How much damage we have done by launching wars, with their inevitable harm and death to non-combatants, rather than using our superior resources to combat a small, clandestine violent criminal conspiracy? What if we had responded to the 9-11 attacks by inspiring our highest American ideals and character rather than our reactive, violent nature?
Category: Daily Episcopalian
It doesn’t just come up and grab you by the shoulders and make itself known. We have to seek it out. We have to pay attention to the world with our eyes and hearts and minds open to see that the story isn’t over yet
Some great movements have very modest goals. Paul’s mission, King’s movement, the Tunisian and Egyptian insurgencies: each embraced revolutionary change, but eschewed grandiosity. For this reason, perhaps, they reach across the centuries, or half-way across the world, to touch and inspire us
Ayn Rand was an atheist of a sort that meant that the fiercely individualistic “I” was ultimately self-referential. The element of her conflicted popular philosophy that is mysteriously endearing to the American grassroots psyche is the rugged, no-holds-barred lack of accountability, an amoral construct that is truly all about me.
Professor Johnson said “I just wanted a book out there, a simple book that people could pick up and read and munch on and feast on and have a banquet… in the theology of God.” Episcopal clergy of the Diocese of New York know the book since Bishop Mark Sisk gave them all a copy of it.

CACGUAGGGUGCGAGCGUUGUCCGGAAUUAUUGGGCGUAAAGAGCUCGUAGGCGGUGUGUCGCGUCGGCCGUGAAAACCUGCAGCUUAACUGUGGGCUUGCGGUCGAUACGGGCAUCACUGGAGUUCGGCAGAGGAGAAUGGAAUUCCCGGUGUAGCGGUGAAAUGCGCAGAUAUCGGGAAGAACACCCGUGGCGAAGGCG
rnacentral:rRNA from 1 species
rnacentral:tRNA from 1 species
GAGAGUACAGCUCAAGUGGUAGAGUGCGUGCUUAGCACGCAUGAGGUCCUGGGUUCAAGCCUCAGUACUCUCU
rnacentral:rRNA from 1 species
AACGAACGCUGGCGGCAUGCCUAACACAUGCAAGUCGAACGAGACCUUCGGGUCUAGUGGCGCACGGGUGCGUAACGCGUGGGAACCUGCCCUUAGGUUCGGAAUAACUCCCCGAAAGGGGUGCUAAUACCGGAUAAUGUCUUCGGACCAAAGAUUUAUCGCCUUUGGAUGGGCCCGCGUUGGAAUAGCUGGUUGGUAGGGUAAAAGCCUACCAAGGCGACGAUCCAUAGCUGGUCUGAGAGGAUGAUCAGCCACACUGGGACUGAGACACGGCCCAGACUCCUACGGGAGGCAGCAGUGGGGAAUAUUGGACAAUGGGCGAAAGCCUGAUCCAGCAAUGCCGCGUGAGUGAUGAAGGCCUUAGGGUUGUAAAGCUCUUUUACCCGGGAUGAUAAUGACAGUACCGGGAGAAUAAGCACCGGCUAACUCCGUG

I love hearing those vows again at a wedding. It gives me deep pleasure to wonder and hope and dare along with a couple speaking those words to each other and feeling that they mean everything they’re saying even though they know they can’t know what such unreserved commitment will mean for them.
I’m increasingly uneasy with our attachment to promise making and promise renewing – renewals of baptism covenant, renewals of ordination vows for clergy in Holy Week, anniversary renewals of wedding vows. The passion narratives in Holy Week and the Easter appearances of the Risen Jesus sharpen my worry. Each of the four Gospels tells catastrophic story of promise making and promise breaking.
Unless TEC reverses the decline, TEC will soon become a remnant numbering in the tens of thousands. When that happens, the media will not care, and few non-Episcopalians will even notice, what the Episcopal Church says or does. TEC will no longer be a vital incarnation of God’s love in Christ.
By Ann Fontaine A year ago I wrote an essay for the Episcopal Café, Come to the Table: A Passover Seder for Parish Use, a project I started well over a decade ago. Key among these was, of course, my growing awareness that many churches were cobbling together seders that were. . .strange. But to […]
I understand rage at the church’s injustices, external and internal. As the saying goes, if Jesus were still in his grave, he’d be turning over in it, seeing what we have made of him and his message. The problem is, you can’t do the Jesus thing alone.